From the Desk of Detective Dave

Knowledge is power! Detective Dave Baumhover keeps the community up to date on criminal activity so they can help prevent it, along with other topics of community interest.

Training for the Tough Moments
By Det. Dave Baumhover #975
Frederick Police Department

Recently, Commander Norris successfully secured a Colorado P.O.S.T. grant allowing the Frederick Police Department to purchase a Milo Range training simulator. This equipment is designed to place our officers in realistic virtual scenarios causing them to make split second use of force decisions. The Milo system is capable of subjecting the trainee to hundreds of life-sized scenarios and firearm drills allowing us to train more often at a low cost.  The system is interactive and a scenario may change based on your reaction to the situation you’re presented. This alone makes the Milo more realistic than the older “shoot, don’t shoot” simulators we’ve used in the past. One advantage of this is that it allows for use of force de-escalation, causing the trainee to transition from a lethal weapon (firearm) to a Taser or other less-lethal projectile weapons.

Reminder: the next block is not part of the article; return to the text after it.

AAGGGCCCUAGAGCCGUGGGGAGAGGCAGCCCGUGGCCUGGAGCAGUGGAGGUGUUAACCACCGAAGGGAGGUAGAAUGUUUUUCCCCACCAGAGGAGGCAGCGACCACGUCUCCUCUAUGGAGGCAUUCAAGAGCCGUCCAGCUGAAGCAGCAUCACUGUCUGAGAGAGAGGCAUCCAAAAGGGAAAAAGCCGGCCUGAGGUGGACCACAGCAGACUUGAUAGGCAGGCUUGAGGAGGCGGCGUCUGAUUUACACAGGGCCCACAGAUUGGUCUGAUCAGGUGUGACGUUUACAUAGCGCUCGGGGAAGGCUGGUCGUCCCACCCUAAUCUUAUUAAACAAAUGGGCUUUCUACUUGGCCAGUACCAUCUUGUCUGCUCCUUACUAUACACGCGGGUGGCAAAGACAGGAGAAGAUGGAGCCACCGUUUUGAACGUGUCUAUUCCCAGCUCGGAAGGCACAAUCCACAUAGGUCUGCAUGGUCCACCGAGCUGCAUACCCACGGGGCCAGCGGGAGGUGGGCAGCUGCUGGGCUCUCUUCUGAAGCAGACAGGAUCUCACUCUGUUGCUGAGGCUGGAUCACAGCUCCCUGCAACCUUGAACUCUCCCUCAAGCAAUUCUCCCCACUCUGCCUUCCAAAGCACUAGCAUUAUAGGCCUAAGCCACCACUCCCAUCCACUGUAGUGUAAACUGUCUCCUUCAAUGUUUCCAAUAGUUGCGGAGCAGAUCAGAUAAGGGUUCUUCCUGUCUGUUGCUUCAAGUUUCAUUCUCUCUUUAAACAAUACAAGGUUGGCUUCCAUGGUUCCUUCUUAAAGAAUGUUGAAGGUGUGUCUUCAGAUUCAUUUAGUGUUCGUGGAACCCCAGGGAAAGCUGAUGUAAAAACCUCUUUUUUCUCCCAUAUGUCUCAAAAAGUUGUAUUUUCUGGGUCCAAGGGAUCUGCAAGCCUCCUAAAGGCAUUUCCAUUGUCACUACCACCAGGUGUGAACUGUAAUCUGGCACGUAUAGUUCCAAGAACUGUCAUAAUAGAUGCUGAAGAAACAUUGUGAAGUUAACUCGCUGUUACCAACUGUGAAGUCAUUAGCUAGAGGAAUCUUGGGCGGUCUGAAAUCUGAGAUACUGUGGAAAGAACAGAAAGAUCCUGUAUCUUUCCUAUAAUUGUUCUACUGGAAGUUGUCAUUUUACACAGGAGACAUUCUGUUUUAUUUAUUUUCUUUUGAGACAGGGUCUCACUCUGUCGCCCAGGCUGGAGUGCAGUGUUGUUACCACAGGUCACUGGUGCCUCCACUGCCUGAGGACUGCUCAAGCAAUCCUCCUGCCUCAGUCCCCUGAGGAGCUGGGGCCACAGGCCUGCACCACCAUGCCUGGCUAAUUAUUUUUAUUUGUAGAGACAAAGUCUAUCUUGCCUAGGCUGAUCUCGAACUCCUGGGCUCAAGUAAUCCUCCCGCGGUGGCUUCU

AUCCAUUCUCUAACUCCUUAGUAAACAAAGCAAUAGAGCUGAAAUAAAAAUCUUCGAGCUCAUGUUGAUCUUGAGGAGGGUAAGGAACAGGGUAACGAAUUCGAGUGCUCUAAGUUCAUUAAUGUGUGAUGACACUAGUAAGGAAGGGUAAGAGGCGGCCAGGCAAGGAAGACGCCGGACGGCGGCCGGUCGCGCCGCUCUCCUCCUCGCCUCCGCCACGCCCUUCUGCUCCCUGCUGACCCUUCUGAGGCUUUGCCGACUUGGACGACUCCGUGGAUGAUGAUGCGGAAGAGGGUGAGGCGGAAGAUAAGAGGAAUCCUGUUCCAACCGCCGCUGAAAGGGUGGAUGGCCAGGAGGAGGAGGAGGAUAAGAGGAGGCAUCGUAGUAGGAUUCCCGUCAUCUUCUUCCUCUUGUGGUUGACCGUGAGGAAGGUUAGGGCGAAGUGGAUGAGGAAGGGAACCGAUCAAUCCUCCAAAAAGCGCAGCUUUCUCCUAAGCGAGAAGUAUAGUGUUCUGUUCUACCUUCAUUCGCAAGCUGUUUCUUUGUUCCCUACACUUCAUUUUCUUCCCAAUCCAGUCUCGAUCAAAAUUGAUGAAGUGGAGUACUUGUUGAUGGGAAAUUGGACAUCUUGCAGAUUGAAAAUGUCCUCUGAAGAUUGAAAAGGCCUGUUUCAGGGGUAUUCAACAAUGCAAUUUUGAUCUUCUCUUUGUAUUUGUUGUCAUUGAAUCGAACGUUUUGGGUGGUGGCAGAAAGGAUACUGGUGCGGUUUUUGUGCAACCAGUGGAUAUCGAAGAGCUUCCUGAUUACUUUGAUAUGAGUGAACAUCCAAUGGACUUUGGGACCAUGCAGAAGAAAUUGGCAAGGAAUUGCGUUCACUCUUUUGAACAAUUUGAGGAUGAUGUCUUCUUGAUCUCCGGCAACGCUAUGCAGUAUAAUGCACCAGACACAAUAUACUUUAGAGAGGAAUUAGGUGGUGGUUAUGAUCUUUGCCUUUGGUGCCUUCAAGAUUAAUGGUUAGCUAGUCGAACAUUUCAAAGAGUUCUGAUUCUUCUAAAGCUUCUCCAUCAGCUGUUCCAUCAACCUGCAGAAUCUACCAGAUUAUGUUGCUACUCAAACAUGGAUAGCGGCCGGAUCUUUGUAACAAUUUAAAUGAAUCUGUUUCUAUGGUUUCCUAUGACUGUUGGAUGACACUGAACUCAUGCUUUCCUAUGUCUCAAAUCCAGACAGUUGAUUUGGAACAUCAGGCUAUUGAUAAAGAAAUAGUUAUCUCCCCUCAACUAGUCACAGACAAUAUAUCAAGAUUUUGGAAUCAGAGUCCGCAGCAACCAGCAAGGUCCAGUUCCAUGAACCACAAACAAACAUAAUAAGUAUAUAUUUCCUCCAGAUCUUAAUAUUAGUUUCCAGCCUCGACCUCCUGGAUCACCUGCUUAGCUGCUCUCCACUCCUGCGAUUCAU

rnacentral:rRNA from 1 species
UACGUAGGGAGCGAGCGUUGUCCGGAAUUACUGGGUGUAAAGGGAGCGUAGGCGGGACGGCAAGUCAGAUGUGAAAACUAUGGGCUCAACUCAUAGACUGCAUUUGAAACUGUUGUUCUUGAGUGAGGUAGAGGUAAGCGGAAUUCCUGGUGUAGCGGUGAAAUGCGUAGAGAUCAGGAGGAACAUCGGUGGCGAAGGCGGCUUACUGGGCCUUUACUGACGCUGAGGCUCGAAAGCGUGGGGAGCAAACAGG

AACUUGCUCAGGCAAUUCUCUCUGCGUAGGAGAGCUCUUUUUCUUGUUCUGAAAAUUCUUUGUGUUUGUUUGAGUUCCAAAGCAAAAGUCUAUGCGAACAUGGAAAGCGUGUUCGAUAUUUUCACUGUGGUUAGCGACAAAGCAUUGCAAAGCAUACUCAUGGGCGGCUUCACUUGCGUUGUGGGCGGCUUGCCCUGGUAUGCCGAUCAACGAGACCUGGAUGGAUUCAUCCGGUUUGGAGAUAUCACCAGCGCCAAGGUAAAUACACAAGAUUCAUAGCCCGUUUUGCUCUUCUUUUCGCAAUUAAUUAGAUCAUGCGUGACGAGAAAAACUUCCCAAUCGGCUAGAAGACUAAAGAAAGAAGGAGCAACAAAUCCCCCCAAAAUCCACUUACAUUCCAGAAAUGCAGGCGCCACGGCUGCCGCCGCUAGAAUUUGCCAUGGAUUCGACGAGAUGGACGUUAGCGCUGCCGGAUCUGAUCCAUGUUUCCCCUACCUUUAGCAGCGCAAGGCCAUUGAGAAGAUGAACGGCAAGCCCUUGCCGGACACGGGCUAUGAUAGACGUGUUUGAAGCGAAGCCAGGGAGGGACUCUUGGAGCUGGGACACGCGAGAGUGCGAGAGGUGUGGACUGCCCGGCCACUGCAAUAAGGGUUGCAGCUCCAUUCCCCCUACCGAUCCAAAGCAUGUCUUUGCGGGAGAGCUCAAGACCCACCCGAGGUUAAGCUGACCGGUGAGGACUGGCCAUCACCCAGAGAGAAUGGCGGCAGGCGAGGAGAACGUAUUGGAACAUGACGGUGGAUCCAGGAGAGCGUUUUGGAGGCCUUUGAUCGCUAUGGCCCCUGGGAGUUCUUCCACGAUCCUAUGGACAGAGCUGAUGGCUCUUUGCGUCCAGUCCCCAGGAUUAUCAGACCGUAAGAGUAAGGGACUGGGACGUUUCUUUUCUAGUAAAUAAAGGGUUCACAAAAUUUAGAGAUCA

For example, I was subjected to a scenario that involved a man who appeared to be under the influence of alcohol, drugs or both. He was stumbling through a parking lot bouncing off cars when I first encountered him and began speaking to him. Upon seeing me he became agitated, reached into his front pocket and started moving toward me. After ignoring my requests to stop and take his hand out of his pocket, I drew my firearm (simulator) and commanded he stop and take his hand out his pocket. Just then, he quickly took his hand out  of his pocket but continued to walk toward me. At that point I could see he had a syringe in his hand and made the decision to transition to a less lethal weapon, should I have needed it. As I holstered my firearm and drew my Taser, the man continued toward me and ignoring commands to stop. Ultimately, I deployed my Taser causing him to fall to the ground which ended the scenario. Upon completion of each scenario the trainee discusses with an instructor what he / she observed, felt, and their reasons for the amount of force used to gain control of a person or protect a life. Quite often, no physical force is needed and situations are handled using “verbal judo,” which is our preferred method.